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|Year : 2022 | Volume
| Issue : 2 | Page : 814-815
Endovascular Treatment of a Giant Intracranial Aneurysm: Long-Term Imaging Follow-Up and Potential Risks
Izzet Okcesiz1, Halil Dönmez1, Nevzat Herdem1, Halil Ulutabanca2
1 Department of Radiology, Erciyes University School of Medicine, Kayseri, Turkey
2 Department of Neurosurgery, Erciyes University School of Medicine, Kayseri, Turkey
|Date of Submission||02-Jan-2021|
|Date of Decision||20-Jan-2021|
|Date of Acceptance||29-Mar-2021|
|Date of Web Publication||3-May-2022|
Department of Radiology, Erciyes University School of Medicine, Kayseri
Source of Support: None, Conflict of Interest: None
|How to cite this article:|
Okcesiz I, Dönmez H, Herdem N, Ulutabanca H. Endovascular Treatment of a Giant Intracranial Aneurysm: Long-Term Imaging Follow-Up and Potential Risks. Neurol India 2022;70:814-5
|How to cite this URL:|
Okcesiz I, Dönmez H, Herdem N, Ulutabanca H. Endovascular Treatment of a Giant Intracranial Aneurysm: Long-Term Imaging Follow-Up and Potential Risks. Neurol India [serial online] 2022 [cited 2022 Jun 25];70:814-5. Available from: https://www.neurologyindia.com/text.asp?2022/70/2/814/344624
A 55-year-old female patient with severe headache and nausea was admitted to the emergency service. Cranial magnetic resonance imaging (MRI) showed a 43 × 42 × 44 mm sized giant intracranial aneurysm (GIA) that originated left middle cerebral artery (MCA) bifurcation with a prominent thrombosed component, causing severe vasogenic edema and midline shift [Figure 1].
Preprocedural angiographic evaluation confirmed that GIA [Figure 2]a and the patient underwent Y-stent- assisted coil embolization [Figure 2]b. Post-procedural 1st month, 3rd month, 6th month, 1 year, then annual cranial MRI and angiographic follow-up were performed for 5 years.
|Figure 1: Axial (a) and coronal (b) magnetic resonance imaging (MRI) figures demonstrated a giant intracranial aneurysm (arrows) that originated left middle cerebral artery (MCA) bifurcation, causing severe vasogenic edema (arrowheads) and midline shift|
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|Figure 2: Anterior-posterior digital substraction angiographic view of giant middle cerebral artery aneurysm: Pre-procedural (a), Post-procedural (b) and 5th-year control (c)|
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During the follow-up period, there was no recanalization was observed in the giant aneurysm lumen [Figure 2]c. However, the size and configuration of the aneurysm did not change markedly and contrast enhancement of the thrombosed component of the aneurysm and the aneurysm wall, T2-weighted hyperintensities in the perianeurysmal cerebral parenchyma consistent with vasogenic edema-gliosis were observed. These MRI findings had shown a slight regression in the follow-up period but did not clear away completely [Figure 3]. Khan et al. demonstrated the association between the arterial wall enhancement and rupture risk with hemodynamic and morphological factors. Although the post-procedural first six months is a more critical period with marked enhancement, in this case, the patient's follow-up is being continued up to 5 years because of the persistence of contrast enhancement predicting the risk of rupture.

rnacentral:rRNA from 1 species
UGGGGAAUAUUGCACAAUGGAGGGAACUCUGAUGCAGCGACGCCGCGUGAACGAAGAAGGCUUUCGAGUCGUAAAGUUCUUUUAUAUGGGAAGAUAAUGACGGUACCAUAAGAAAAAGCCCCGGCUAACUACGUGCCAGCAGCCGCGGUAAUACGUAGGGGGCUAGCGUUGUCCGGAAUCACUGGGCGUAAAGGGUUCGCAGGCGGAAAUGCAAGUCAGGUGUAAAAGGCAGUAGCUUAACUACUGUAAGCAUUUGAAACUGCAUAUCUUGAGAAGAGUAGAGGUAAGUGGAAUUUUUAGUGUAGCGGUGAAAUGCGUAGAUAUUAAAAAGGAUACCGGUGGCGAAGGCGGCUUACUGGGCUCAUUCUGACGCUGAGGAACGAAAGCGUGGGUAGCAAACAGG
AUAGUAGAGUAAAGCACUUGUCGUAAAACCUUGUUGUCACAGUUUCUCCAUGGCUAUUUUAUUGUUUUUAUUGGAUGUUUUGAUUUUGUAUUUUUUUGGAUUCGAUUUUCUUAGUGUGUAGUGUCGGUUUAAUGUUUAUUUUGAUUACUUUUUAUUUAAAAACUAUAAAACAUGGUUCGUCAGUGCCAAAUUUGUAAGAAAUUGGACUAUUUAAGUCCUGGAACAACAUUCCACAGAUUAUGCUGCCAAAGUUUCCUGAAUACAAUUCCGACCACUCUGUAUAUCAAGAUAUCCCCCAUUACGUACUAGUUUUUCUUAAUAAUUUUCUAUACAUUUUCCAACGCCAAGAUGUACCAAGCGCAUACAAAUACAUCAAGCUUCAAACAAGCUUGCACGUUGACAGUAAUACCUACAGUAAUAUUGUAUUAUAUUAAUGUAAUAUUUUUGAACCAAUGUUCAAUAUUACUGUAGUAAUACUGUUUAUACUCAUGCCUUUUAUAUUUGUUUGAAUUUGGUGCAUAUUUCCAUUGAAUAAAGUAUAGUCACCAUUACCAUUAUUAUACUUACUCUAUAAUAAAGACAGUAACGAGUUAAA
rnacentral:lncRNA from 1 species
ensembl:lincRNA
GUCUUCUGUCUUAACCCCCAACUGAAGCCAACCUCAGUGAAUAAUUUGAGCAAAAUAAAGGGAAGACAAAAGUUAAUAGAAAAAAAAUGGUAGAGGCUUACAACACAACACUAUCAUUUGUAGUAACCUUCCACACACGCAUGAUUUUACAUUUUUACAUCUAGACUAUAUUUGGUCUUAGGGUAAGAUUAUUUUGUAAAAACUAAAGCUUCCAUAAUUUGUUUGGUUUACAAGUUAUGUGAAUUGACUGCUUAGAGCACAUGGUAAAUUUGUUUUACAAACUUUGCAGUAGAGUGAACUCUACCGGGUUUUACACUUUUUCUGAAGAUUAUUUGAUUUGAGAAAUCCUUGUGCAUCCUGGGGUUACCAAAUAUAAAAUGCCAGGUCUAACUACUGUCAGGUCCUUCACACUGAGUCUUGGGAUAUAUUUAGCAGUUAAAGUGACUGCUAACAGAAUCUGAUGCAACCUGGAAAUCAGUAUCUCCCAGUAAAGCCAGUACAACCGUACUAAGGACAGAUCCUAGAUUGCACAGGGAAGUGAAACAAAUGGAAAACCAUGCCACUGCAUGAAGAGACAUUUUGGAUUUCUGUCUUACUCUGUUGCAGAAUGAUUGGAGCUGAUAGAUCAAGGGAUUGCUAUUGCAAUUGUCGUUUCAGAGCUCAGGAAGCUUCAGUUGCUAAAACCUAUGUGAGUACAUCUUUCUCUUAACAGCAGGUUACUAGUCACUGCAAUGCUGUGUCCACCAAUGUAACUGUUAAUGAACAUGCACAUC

|Figure 3: MRI follow-up: First line (a-d) 1st month, 6th month, 1st year, and 5th-year axial T2W images, second line (e-h) axial T1W contrast-enhanced images of the same examinations. The liquefied thrombus areas (arrows) gradually increased during the follow-up period. Especially on the 6th-month control MRI (f), severe inflammatory changes and marked contrast enhancement in the aneurysm wall and thrombosed component were observed. This changes regressed in the follow-up period but did not clear away completely (Arrowheads: Contrast enhancement of the aneurysm wall)|
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In conclusion, the treatment of GIAs is still a challenge. The dynamic inflammatory process, which increases the risk of rupture, keeps going for a long time in spite of successful endovascular treatment.
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Conflicts of interest
There are no conflicts of interest.
| » References|| |
Khan MO, Toro Arana V, Rubbert C, Cornelius JF, Fischer I, Bostelmann R, et al
. Association between aneurysm hemodynamics and wall enhancement on 3D vessel wall MRI. J Neurosurg 2020;10:1-11.
[Figure 1], [Figure 2], [Figure 3]